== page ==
I’m not a big fan of 19th Century classical music. It’s a personality thing.
I’ve got enough of an analytical mind to prefer absolute music, such as the kind written by the 18th Century bigshots — Mozart, Hadyn and Beethoven. And of course, the dissonance of 20th Century music is far more interesting to me.
Music from the Romantic era, on the other hand, is the source from which overwrought movie soundtracks are borne. The stereotype of the temperamental artiste took root in the 19th Century, and the works from that era can get pretty bloated.
A quick scan of my classical collection pretty much eschews music from the 19th Century with one exception: Antonin Dvorak’s Symphony No. 9 in E minor.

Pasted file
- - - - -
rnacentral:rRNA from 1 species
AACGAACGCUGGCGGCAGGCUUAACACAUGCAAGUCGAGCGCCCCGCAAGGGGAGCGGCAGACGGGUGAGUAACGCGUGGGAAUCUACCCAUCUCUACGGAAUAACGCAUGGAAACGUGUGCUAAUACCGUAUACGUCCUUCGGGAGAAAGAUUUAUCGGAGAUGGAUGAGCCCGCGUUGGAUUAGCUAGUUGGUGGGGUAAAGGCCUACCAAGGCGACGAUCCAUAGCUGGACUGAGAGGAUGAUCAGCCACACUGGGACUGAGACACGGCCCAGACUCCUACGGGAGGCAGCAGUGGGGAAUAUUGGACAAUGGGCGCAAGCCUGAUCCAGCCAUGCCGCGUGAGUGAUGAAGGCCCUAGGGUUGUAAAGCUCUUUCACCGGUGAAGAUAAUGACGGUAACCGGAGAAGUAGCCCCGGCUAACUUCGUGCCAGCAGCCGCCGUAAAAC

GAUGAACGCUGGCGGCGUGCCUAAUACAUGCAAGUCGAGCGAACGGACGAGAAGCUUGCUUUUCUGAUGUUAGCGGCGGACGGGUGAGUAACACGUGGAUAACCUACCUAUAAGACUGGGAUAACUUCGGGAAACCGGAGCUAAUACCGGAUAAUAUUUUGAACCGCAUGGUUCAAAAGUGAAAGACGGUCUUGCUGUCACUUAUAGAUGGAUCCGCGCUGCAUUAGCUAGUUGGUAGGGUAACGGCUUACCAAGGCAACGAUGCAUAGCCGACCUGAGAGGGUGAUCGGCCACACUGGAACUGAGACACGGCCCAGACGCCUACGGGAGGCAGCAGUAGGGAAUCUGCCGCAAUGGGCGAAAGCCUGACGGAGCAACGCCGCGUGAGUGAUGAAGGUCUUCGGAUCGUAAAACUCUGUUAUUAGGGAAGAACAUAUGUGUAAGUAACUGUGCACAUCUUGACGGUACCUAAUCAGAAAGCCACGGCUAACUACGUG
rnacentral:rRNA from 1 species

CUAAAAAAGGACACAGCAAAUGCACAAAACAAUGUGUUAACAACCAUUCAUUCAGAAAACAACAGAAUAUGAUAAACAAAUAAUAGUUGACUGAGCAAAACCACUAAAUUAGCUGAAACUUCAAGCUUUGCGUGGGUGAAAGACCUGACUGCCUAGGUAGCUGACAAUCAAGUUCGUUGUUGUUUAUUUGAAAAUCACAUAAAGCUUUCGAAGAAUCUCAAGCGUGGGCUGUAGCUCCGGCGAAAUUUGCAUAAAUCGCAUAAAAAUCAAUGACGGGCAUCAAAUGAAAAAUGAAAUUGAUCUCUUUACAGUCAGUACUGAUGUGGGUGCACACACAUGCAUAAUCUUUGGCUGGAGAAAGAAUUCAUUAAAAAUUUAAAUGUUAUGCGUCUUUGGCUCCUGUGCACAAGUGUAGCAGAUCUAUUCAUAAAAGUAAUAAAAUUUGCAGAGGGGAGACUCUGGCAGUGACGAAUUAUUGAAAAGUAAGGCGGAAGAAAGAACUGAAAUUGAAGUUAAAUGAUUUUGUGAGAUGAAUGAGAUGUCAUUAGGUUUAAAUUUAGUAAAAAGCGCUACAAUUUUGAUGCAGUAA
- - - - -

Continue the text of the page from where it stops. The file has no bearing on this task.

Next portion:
Also known as the "New World Symphony", it was Dvorak’s attempt to cast rural American music in a European form. Folk music and hymns from America influenced the melodies in the symphony.
The "New World Symphony", though, has something a lot stronger going for it — hooks. Classical music tends to bore young listeners because the melodies are often too indistinguishable from the rest of the piece. (I know that was my excuse as a kid for preferring Duran Duran over Bach.)
Not so with the "New World Symphony". The opening melody of the first movement probably won’t unseat Beethoven’s Fifth Symphony for the most recognizable classical melody, but it’s hard to forget it too.
I started building my classical collection around 1990, so this recording of the symphony comes from 1991, performed by the New York Philharmonic under the baton of Kurt Masur.